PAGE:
• Sensitive arguments: If the Service Check is a plugin-based one, then the Sensitive Arguments checkbox allows you to determine if the arguments for the Service Check are displayed within the 'Test Service Check' tab within the investigate mode. If the flag is checked, the arguments will be hidden ' if unchecked the arguments will be shown. If you have TESTCHANGE set within your Role, you will be able to modify the arguments before testing the Service Check.
  • Record Output Changes: Normally, the output of a Service Check is only recorded when the state of that service changes. For example, assuming a new check has been set up:
State Output Output Recorded
OK Service OK: 10% Yes
OK Service OK: 15% No
OK Service OK: 15% No
OK Service OK: 20% No
CRITICAL Service warning: 80% Yes
CRITICAL Service warning: 75% NO
WARNING Service warning: 70% Yes
WARNING Service warning: 40% No
WARNING Service warning: 40% No
OK Service OK: 20% Yes
OK Service OK: 18% No

This option instead causes every change of output to be logged regardless of change of state (for the selected state changes). For example, for the same sequence above with OK and WARNING selected:

State Output Output Recorded
OK Service OK: 10% Yes
OK Service OK: 15% Yes
OK Service OK: 15% No
OK Service OK: 20% Yes
CRITICAL Service warning: 80% Yes
CRITICAL Service warning: 75% NO - CRITICAL option was not selected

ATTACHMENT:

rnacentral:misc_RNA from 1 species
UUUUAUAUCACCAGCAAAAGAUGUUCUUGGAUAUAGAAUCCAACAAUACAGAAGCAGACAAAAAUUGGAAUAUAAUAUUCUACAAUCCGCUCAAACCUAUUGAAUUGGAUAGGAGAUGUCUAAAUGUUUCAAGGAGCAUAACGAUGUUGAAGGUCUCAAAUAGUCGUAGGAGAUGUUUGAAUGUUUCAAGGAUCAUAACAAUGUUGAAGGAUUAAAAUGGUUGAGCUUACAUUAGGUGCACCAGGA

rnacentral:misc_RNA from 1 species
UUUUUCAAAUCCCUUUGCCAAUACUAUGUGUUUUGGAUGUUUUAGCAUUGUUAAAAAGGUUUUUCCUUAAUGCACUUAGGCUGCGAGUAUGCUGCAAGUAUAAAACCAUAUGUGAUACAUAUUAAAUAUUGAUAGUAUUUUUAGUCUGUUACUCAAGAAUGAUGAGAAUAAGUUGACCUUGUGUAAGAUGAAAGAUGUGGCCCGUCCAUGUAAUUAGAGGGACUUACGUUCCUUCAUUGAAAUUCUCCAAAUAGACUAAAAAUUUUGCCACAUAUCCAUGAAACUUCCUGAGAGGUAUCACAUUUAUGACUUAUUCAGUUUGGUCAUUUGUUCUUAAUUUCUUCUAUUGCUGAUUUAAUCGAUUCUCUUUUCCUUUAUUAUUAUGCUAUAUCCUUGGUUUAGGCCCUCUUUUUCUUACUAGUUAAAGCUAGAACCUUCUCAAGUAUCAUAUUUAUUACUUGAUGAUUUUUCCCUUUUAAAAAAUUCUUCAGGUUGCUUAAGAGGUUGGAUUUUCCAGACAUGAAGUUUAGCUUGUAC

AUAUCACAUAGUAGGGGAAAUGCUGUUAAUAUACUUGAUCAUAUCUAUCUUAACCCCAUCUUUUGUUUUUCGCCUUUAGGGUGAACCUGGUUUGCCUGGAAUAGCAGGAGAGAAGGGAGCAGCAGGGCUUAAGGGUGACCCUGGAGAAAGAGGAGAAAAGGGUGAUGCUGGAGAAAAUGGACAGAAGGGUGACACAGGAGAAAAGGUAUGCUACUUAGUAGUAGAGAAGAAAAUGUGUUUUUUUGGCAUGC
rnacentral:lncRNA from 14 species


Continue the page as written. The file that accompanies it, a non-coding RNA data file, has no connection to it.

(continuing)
WARNING Service warning: 70% Yes
WARNING Service warning: 40% Yes
WARNING Service warning: 40% No
OK Service OK: 20% Yes
OK Service OK: 18% Yes
  • Alert every failure: This option forces a Notification to be sent on every check in a non-OK state. This is useful if you have a passive Service Check which receives results.
    There are three states for this option:
    • Disabled: only get alerts on state changes
    • Enabled: get alerts for every failed state. This overrides the re-notification interval option
    • Enabled with re-notification interval: get alerts for every failed state as long as the re-notification interval has passed. This is useful if you get a lot of results in quick succession**.

Note: The Notification number will increase for every non-OK result and only gets reset to zero when an OK state is received.

  • Event handler: Covered in greater detail in the 'Event handler' section of the User Guide, Event handlers are scripts that can be triggered when a Service Check goes into or recovers from a problem state, such as 'WARNING' or 'CRITICAL'. The script can do anything you like, but a common usage includes restarting a service or server (virtual machine, for example) via an API.
  • Markdown filter:If this option is chosen, then the service output will be filtered through the Markdown plugin. This allows you to mark up the output with bold, italics and URL links. For instance, if the output is:
    Disk failure on sd1 - see [internal wiki](http://opsview.org)
    
    This will be displayed as: Disk failure on sd1 - see internal wiki

Use http://daringfireball.net/projects/markdown/dingus to test your plugin output. Bear in mind that you cannot use the pipe symbol as Nagios Core interprets this as the start of performance data.